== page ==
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A Journal on Surgery

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Chirurgia 2009 August;22(4):183-8


language: English

The greater omentum’s transposition for the management of mediastinitis. The Hanuman Syndrome

Hountis P., Hatziveis K., Tourlakis D., Antonopoulos N., Kokotsakis I., Camoutsis C., Bolos K.

1 Cardiac Surgery Department, General Hospital “Evaggelismos”, Athens, Greece; 2 Laboratory of Pharmaceutical Chemistry, Departement of Pharmacy, Faculty of Pharmacy, School of Health Science, University of Patras, Greece; 3 Department of Obstetric and Gynaecology, General Hospital “Agios Andreas”, Patras, Greece


Aim. The aim of our study is to present our experience from the management of six patients with deep sternal wood infection and or sternal disruption and mediastinitis after aortocoronary by pass grafting. Sternal dehiscence and mediastinitis is a rare but highly lethal (40%) complication in cardiac surgery.
Methods. Five male patients 60-74 years old (mean 66) and a female 62 years old, obese, with a history of diabetes mellitus were subjected to aortocoronary by pass grafting due to ischemic heart disease. Postoperative course was initially uneventful. Mean time of sternal dehiscence and mediastinitis was 9-17 (mean 11) days. Intraoperatively, we performed a total sternectomy and with a small laparotomy we harvested greater omentum with the left gastrepiploic artery and we transposed it through diaphragm into the thorax.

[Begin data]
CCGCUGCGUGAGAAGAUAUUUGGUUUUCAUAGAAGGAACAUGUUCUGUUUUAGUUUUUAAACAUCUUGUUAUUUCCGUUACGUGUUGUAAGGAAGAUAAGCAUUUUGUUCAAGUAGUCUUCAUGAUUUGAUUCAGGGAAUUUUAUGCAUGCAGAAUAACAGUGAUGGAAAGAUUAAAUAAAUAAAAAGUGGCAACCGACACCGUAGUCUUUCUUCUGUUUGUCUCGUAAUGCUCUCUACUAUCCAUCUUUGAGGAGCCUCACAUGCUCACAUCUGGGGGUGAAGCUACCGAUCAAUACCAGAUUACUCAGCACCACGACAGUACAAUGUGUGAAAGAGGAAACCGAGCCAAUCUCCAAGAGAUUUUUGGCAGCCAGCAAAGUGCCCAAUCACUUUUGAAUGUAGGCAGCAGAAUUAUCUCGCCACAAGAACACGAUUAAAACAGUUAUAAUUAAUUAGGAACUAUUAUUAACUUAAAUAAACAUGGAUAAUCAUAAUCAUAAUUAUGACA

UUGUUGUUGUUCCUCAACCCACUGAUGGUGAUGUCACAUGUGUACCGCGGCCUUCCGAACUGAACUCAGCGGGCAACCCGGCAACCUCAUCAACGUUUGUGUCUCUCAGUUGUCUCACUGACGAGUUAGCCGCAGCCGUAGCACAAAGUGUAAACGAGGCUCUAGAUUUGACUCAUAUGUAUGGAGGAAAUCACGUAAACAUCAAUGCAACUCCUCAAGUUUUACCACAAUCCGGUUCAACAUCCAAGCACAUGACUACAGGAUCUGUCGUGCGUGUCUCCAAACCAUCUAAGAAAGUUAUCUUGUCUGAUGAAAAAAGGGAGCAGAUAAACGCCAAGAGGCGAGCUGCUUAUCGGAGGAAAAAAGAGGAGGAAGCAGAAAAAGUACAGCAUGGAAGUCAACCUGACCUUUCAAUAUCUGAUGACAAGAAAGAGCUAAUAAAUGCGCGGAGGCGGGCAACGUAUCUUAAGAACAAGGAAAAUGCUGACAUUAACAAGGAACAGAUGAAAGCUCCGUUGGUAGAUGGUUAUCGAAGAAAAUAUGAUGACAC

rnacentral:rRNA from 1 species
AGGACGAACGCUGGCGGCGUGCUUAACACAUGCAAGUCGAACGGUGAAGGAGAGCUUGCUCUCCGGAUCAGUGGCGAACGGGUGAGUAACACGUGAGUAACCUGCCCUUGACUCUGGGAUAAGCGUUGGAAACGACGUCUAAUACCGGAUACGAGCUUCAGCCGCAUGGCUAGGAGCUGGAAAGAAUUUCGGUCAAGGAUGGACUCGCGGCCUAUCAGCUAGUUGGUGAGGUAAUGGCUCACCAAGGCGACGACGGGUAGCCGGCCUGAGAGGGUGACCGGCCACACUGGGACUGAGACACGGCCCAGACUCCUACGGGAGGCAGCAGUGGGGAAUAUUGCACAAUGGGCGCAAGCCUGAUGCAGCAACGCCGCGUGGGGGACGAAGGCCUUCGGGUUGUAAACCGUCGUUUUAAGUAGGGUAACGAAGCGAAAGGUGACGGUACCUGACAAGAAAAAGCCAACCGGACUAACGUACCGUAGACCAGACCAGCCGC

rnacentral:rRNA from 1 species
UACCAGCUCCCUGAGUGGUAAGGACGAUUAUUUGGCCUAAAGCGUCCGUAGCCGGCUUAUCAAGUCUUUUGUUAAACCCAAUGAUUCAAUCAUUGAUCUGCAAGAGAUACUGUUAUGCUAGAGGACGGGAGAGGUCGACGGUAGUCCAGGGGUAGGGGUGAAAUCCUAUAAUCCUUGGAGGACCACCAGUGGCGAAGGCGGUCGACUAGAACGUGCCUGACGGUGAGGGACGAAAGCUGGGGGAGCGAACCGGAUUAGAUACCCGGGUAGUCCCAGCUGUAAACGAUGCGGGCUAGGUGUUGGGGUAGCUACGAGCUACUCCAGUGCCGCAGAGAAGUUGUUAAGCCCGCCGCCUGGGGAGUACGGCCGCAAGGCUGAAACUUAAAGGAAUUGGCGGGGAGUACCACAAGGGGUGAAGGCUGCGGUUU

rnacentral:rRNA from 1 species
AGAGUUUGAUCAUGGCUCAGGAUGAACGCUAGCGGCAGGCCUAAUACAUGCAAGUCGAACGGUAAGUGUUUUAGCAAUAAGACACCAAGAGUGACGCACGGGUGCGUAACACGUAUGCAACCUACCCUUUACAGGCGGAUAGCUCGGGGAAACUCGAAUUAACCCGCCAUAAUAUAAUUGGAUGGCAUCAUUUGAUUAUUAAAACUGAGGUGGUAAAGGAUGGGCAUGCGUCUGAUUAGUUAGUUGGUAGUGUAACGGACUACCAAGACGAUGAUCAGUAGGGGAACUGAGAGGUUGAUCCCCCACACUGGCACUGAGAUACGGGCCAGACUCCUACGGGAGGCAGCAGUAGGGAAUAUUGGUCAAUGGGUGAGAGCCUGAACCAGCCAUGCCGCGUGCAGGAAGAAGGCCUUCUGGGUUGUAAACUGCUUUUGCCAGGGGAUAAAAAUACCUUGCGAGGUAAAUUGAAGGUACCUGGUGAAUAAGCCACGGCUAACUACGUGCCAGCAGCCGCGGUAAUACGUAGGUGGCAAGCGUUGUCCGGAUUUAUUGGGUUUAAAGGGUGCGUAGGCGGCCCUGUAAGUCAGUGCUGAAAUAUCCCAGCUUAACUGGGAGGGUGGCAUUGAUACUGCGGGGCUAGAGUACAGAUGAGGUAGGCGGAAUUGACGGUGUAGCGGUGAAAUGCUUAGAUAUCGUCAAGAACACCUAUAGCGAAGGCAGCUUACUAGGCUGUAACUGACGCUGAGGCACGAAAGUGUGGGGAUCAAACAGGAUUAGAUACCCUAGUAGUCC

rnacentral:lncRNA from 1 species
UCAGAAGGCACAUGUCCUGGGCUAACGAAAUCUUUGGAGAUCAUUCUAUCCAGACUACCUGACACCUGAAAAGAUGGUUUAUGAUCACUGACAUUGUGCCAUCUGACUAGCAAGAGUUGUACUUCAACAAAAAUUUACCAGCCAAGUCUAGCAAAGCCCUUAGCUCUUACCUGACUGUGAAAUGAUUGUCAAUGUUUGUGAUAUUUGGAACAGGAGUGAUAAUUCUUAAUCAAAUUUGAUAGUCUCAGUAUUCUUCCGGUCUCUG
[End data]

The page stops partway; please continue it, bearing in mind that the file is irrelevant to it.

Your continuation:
Results. Mean ICU stay was 11 days (4-21). All patients had an uneventful postoperative course with a mean hospital stay of 28.6 days (20-46).
Conclusion. We believe that greater omentum is the ideal reconstruction tissue for deep sternal wound infections and mediastinitis. It contains a large number of immunological active cells that account for its antibacterial properties. Timely diagnisis, aggressive sternal debridement and omental flap coverage along with intravenous antibiotics represent the mainstay of therapy in this highly lethal complication.

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